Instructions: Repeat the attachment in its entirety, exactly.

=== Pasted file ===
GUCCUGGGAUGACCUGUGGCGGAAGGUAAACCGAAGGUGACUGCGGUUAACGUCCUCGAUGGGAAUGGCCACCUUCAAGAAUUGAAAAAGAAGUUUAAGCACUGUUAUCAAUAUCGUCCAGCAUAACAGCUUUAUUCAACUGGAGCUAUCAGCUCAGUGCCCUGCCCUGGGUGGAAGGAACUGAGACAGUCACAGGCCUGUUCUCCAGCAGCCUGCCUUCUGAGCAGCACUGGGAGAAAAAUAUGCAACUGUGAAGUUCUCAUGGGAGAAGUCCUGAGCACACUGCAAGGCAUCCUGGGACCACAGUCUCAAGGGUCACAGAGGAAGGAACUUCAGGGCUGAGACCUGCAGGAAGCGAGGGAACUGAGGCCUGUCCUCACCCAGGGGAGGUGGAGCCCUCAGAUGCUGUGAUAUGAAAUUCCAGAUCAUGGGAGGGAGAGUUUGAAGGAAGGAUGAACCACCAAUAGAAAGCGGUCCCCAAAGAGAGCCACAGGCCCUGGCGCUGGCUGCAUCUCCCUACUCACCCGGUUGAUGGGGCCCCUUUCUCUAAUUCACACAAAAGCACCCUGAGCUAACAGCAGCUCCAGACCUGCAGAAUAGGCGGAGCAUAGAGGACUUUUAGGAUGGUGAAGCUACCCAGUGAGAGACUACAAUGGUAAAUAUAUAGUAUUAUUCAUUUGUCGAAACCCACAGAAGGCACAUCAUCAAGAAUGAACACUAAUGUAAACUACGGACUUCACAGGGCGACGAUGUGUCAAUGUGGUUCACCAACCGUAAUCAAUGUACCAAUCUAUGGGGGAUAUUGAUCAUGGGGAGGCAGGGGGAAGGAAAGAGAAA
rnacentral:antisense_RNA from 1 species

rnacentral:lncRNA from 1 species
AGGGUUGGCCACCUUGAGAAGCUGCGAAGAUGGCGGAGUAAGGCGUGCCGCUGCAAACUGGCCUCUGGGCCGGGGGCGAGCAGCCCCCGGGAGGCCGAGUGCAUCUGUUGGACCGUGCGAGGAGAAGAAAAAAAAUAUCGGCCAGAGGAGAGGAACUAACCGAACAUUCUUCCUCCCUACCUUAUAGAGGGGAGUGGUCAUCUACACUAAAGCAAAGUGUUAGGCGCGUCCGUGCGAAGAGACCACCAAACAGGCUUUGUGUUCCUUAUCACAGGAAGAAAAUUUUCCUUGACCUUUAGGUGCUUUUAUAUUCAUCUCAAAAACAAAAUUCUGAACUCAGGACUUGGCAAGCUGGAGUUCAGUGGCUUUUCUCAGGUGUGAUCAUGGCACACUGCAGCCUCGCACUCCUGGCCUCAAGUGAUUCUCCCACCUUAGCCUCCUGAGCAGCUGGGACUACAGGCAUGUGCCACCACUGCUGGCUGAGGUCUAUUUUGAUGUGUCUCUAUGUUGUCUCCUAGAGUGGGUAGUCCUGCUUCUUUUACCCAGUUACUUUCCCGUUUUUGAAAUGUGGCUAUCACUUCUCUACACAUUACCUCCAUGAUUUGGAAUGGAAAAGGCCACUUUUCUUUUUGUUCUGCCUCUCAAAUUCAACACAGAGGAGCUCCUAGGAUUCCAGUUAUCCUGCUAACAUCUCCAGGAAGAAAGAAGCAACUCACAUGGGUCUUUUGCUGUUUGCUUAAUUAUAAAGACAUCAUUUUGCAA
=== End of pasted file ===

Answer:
GUCCUGGGAUGACCUGUGGCGGAAGGUAAACCGAAGGUGACUGCGGUUAACGUCCUCGAUGGGAAUGGCCACCUUCAAGAAUUGAAAAAGAAGUUUAAGCACUGUUAUCAAUAUCGUCCAGCAUAACAGCUUUAUUCAACUGGAGCUAUCAGCUCAGUGCCCUGCCCUGGGUGGAAGGAACUGAGACAGUCACAGGCCUGUUCUCCAGCAGCCUGCCUUCUGAGCAGCACUGGGAGAAAAAUAUGCAACUGUGAAGUUCUCAUGGGAGAAGUCCUGAGCACACUGCAAGGCAUCCUGGGACCACAGUCUCAAGGGUCACAGAGGAAGGAACUUCAGGGCUGAGACCUGCAGGAAGCGAGGGAACUGAGGCCUGUCCUCACCCAGGGGAGGUGGAGCCCUCAGAUGCUGUGAUAUGAAAUUCCAGAUCAUGGGAGGGAGAGUUUGAAGGAAGGAUGAACCACCAAUAGAAAGCGGUCCCCAAAGAGAGCCACAGGCCCUGGCGCUGGCUGCAUCUCCCUACUCACCCGGUUGAUGGGGCCCCUUUCUCUAAUUCACACAAAAGCACCCUGAGCUAACAGCAGCUCCAGACCUGCAGAAUAGGCGGAGCAUAGAGGACUUUUAGGAUGGUGAAGCUACCCAGUGAGAGACUACAAUGGUAAAUAUAUAGUAUUAUUCAUUUGUCGAAACCCACAGAAGGCACAUCAUCAAGAAUGAACACUAAUGUAAACUACGGACUUCACAGGGCGACGAUGUGUCAAUGUGGUUCACCAACCGUAAUCAAUGUACCAAUCUAUGGGGGAUAUUGAUCAUGGGGAGGCAGGGGGAAGGAAAGAGAAA
rnacentral:antisense_RNA from 1 species

rnacentral:lncRNA from 1 species
AGGGUUGGCCACCUUGAGAAGCUGCGAAGAUGGCGGAGUAAGGCGUGCCGCUGCAAACUGGCCUCUGGGCCGGGGGCGAGCAGCCCCCGGGAGGCCGAGUGCAUCUGUUGGACCGUGCGAGGAGAAGAAAAAAAAUAUCGGCCAGAGGAGAGGAACUAACCGAACAUUCUUCCUCCCUACCUUAUAGAGGGGAGUGGUCAUCUACACUAAAGCAAAGUGUUAGGCGCGUCCGUGCGAAGAGACCACCAAACAGGCUUUGUGUUCCUUAUCACAGGAAGAAAAUUUUCCUUGACCUUUAGGUGCUUUUAUAUUCAUCUCAAAAACAAAAUUCUGAACUCAGGACUUGGCAAGCUGGAGUUCAGUGGCUUUUCUCAGGUGUGAUCAUGGCACACUGCAGCCUCGCACUCCUGGCCUCAAGUGAUUCUCCCACCUUAGCCUCCUGAGCAGCUGGGACUACAGGCAUGUGCCACCACUGCUGGCUGAGGUCUAUUUUGAUGUGUCUCUAUGUUGUCUCCUAGAGUGGGUAGUCCUGCUUCUUUUACCCAGUUACUUUCCCGUUUUUGAAAUGUGGCUAUCACUUCUCUACACAUUACCUCCAUGAUUUGGAAUGGAAAAGGCCACUUUUCUUUUUGUUCUGCCUCUCAAAUUCAACACAGAGGAGCUCCUAGGAUUCCAGUUAUCCUGCUAACAUCUCCAGGAAGAAAGAAGCAACUCACAUGGGUCUUUUGCUGUUUGCUUAAUUAUAAAGACAUCAUUUUGCAA